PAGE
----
Stone of Destiny heads to London for coronation after leaving Edinburgh Castle

Stone of Destiny heads to London for coronation after leaving Edinburgh Castle

It’s returning to England for the first time in more than a quarter of a century

The Stone of Destiny is returning to England for the first time in more than a quarter of a century, where it will play a key role in the coronation, amid tight security.

At Edinburgh Castle on Thursday a special ceremony was held to mark the legendary stone – which has become a symbol of Scottish nationhood but for 700 years was housed in Westminster Abbey – starting its journey south.

The procession was led by the Lord Lyon King of Arms – the monarch’s representative in Scotland – and attended by First Minister Humza Yousaf in his capacity of Keeper of the Great Seal of Scotland and one of the commissioners for the safeguarding of the regalia.

Mr Yousaf said after the service, which saw the historic stone piped out: “It was a very significant, historical moment. I’m delighted to be a part of it.”

The stone will now make its way to Westminster Abbey, where it will be placed in the Coronation Chair for the enthronement of Charles, before returning to Scotland and put on display in the Crown Room at Edinburgh Castle in the weeks that follow.

Colin Muir, senior stone conservator at Historic Environment Scotland (HES), has the task of helping to ensure that the stone gets to London safely and is installed into the Coronation Chair.

“We’ve assembled a team that’s involved in the transportation and installation of the stone and as part of today’s events we were carrying it as a symbolic gesture through Edinburgh on its departure,” he said.

The stone weighs 125kg but the team of six who carried it were lifting around 164kg given the equipment needed to transport it out of the Great Hall.

The Coronation Chair was specially built with the stone underneath, and getting it back in will be a challenge.

“It’s extremely tight. In fact it will not go in straight. It’s got bare millimetres to spare,” Mr Muir said.

The stone is more fragile than it appears after it was repaired in the 1950s, and HES experts built a 3D print of the stone and chair to better work out how to reunite them.

Kathy Richmond, head of collections and applied conservation at HES, said: “We’ve been working together with the collections team at Westminster Abbey to make sure that that’s all done really carefully.

“We’ve got to look after both objects because you’ve got to remember that the chair is also a very historic object that dates to around about 1300.

“So the teams have been working to come up with a plan, and they’ve done all sorts of testing just to make sure that it’s going to go smoothly.”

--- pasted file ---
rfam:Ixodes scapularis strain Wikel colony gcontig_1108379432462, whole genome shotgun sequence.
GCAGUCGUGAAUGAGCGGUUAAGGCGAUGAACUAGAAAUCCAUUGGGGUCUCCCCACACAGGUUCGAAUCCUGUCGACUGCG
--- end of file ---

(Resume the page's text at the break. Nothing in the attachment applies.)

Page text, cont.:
It is a high-security operation, with the stone a polarising object for many.

In 1950, it was taken from the Abbey in a daring raid by Ian Hamilton, Gavin Vernon, Kay Matheson and Alan Stuart, with it eventually being found at Arbroath Abbey.

Ms Richmond said: “We’ve been working very closely with Police Scotland to ensure that the transportation of the stone happens smoothly”.

Rhe Lord Lyon said: “This occasion is not only historic but underpins the traditions and values of Scottish life.

“The stone has played its role in many royal occasions, and it is fitting it returns to Westminster Abbey to have its rightful position in the coronation of their majesties.

“It will be in safekeeping and returned to Scotland for future events.”

The stone will be transported in a special carrier constructed largely from Scottish oak, which was made by the in-house carpentry team at HES to protect it while in transit.

The Stone of Destiny has been used for centuries in the coronations of monarchs and the inauguration of Scottish kings.

The earliest use of the stone and exactly how and when it became associated with king-making remains unknown, but legends around its origin strongly link it with kingship and the emergence of Scotland as a nation.

The last Scottish King to be inaugurated using a Stone at Scone was John Balliol in 1292.

Since then it has been used by English monarchs, and then British ones when James VI of Scotland ascended to the English throne upon the death of Queen Elizabeth I in 1603.

The last time it featured in a ceremony was for Queen Elizabeth II in 1953.

It was officially returned to Scotland in November 1996 and put on display at Edinburgh Castle on St Andrew’s Day that year.

Published: by Radio NewsHub

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